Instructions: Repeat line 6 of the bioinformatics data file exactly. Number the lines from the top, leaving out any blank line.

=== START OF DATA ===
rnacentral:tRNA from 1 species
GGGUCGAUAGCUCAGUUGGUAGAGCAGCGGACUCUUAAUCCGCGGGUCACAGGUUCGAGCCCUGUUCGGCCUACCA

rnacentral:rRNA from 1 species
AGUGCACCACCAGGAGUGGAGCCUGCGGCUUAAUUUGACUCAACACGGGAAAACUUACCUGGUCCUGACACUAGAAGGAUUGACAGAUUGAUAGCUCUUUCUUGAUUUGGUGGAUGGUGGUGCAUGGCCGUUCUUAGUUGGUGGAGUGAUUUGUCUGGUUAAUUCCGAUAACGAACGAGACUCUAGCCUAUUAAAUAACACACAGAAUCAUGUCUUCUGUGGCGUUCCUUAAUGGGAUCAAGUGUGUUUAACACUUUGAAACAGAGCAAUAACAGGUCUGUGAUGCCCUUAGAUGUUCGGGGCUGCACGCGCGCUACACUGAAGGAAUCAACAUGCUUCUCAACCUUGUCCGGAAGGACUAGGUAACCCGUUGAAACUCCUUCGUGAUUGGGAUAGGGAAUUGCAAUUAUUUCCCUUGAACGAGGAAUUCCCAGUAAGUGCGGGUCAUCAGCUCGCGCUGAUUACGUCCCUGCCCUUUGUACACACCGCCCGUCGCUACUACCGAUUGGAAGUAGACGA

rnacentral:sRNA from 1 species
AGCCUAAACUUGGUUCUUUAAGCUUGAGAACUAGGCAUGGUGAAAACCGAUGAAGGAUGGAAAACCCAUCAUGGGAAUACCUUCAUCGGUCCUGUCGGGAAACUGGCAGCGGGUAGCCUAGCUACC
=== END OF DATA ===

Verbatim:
AGCCUAAACUUGGUUCUUUAAGCUUGAGAACUAGGCAUGGUGAAAACCGAUGAAGGAUGGAAAACCCAUCAUGGGAAUACCUUCAUCGGUCCUGUCGGGAAACUGGCAGCGGGUAGCCUAGCUACC